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Does othello represent the idea of a tragic hero

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Introduction

In Greek tragedy, the concept of hamartia is an error in judgment or where an unwitting mistake is applied to the actions of a hero. For example, the hero might attempt to achieve a certain objective by making an error in judgment, however, the hero instead achieves the opposite of what they wanted to achieve, with disastrous consequences. The hero's hamartia is the cause of his peripeteia. Bradley argues that Othello is a practically "faultless hero", whose strengths and virtues are used against him by the character of Iago. He says that Othello's only trait of character is his strong and absolute trust. He argues that Othello's trust can be seen through his words to Iago when he says "My ancient, a man he is of honesty and trust to his conveyance, I assign my wife". Although it could also be argued that Othello illustrates another flaw in his character in that he regards his wife as a possession. He says that "[Othello's] opinion of Iago was the opinion of practically everyone who knew him". This demonstrates to us that Othello was not the only one that was deceived and manipulated by Iago. Another example of this can be seen through Iago's manipulation of the character of Cassio. This is seen when Cassio trusts Iago to look after him in the event of him getting drunk, Iago abused this trust by allowing him to get into a fight. It shows us that it was not through fault of Othello that he was manipulated; so much as it was through the strength of Iago's power. ...read more.

Middle

'Othello, in his magnanimous way, is egotistical. He really is, beyond any question, the nobly massive man of action, the captain of men, he sees himself as being, but he does very much see himself in short, a habit of self - approving dramatization is an essential element of Othello's make-up and remains so at the very end. Leavis thinks that Othello gives in too easily to Iago's manipulations and that his love of Desdemona isn't real and that it's more of an egotistical self love, or being in love with the idea of being in love. 'It may be love, but it can be only in an oddly qualified sense of her: it must be much more a matter of self-centered and self-regarding satisfactions - pride, sensual possessiveness, appetite, loss of loving - than he suspects. I do believe that Othello had the qualities of a hero However Othello appears to be quite single- minded when he exclaims to Iago that "to be once in doubt / Is once to be resolved" suggesting that one moment of suspicion gives him eternal doubt. This is also supported by Othello's fixed trust for Iago until the final moments of the play, and by his certainty that Desdemona is untrustworthy, provoked only by his suspicion and paranoid mind. However it is evident from Othello's words "I'll have some proof" that he is not as susceptible as Bradley proposes, as he demands for proof to provide evidence for Desdemona's disloyalty. ...read more.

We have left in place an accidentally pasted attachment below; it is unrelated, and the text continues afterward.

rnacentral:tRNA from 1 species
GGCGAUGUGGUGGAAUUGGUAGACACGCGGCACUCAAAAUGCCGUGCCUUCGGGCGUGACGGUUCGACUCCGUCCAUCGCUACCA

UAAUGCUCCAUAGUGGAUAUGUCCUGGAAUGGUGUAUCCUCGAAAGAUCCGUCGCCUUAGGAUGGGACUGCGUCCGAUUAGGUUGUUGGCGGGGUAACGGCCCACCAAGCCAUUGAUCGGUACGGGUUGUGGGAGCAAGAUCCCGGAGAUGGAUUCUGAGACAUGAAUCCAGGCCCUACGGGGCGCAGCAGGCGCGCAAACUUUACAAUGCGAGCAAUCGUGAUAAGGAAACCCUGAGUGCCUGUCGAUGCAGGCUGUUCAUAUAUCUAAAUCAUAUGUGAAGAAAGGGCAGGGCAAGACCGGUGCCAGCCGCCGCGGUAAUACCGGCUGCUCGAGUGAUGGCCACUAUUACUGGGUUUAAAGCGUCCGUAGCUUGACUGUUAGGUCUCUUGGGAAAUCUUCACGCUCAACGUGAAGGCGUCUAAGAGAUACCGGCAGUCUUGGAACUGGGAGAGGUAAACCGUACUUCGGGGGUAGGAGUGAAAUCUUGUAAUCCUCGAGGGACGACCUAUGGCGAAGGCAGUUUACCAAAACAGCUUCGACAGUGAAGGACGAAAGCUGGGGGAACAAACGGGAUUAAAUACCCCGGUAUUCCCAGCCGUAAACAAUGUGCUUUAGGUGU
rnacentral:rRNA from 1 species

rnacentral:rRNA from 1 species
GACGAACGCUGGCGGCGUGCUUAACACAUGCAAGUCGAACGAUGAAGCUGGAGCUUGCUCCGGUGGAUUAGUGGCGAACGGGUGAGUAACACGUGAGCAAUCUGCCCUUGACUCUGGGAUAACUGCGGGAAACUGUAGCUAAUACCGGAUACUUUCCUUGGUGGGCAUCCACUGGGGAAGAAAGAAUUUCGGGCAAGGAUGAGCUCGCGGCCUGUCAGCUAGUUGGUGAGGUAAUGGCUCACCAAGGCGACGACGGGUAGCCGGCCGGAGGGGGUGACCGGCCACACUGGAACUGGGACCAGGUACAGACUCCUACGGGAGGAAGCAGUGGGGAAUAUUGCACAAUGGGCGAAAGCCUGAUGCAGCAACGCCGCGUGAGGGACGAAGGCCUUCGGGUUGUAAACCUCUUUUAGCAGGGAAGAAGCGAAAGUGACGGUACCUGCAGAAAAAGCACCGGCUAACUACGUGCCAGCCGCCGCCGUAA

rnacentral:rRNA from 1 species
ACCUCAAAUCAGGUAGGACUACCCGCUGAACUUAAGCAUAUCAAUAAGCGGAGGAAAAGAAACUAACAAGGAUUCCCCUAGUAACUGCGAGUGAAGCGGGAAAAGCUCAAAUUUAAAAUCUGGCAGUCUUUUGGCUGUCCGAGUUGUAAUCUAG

Conclusion

Leavis does not believe that Catharsis occurs because in Othello's final speech, he talks in third person, keeping the audience at a distance, and throughout this speech, Othello is "preoccupied with his emotions rather than Desdemona in her own right". We can see this when Othello says "Speak of me as I am" This shows us that despite what has happened to Desdemona, Othello is still thinking of himself and his own feelings. Overall I do think of Othello as a tragic hero, despite his bad traits, Such as being far too egotistical and jealous. However it is also obvious that he is emotionally distraught about what he does to Desdemona. So much to the extent that he takes his own life. Othello isn't a 'faultless hero' like Bradley believes he is but everyone has faults in their character. Leavis says that Othello is wrong to trust Iago, but the fact is that we only see this fault because we witness this from and exclusive view. Without the knowledge that Iago is a deceitful villain, we would probably hold nothing against Othello. He was manipulated through his immense trust in Iago, which was his main vice. I don't think that Othello meets all of the requirements for a tragic hero, but he does achieve most of them to a certain extent. Othello isn't a perfect tragic hero, but he is without a doubt a hero, who fall's victim to a great tragedy which leads to his own death and the death of his wife. I believe that Othello, despite all of his traits and errors is a tragic hero. Natasha Williams ...read more.

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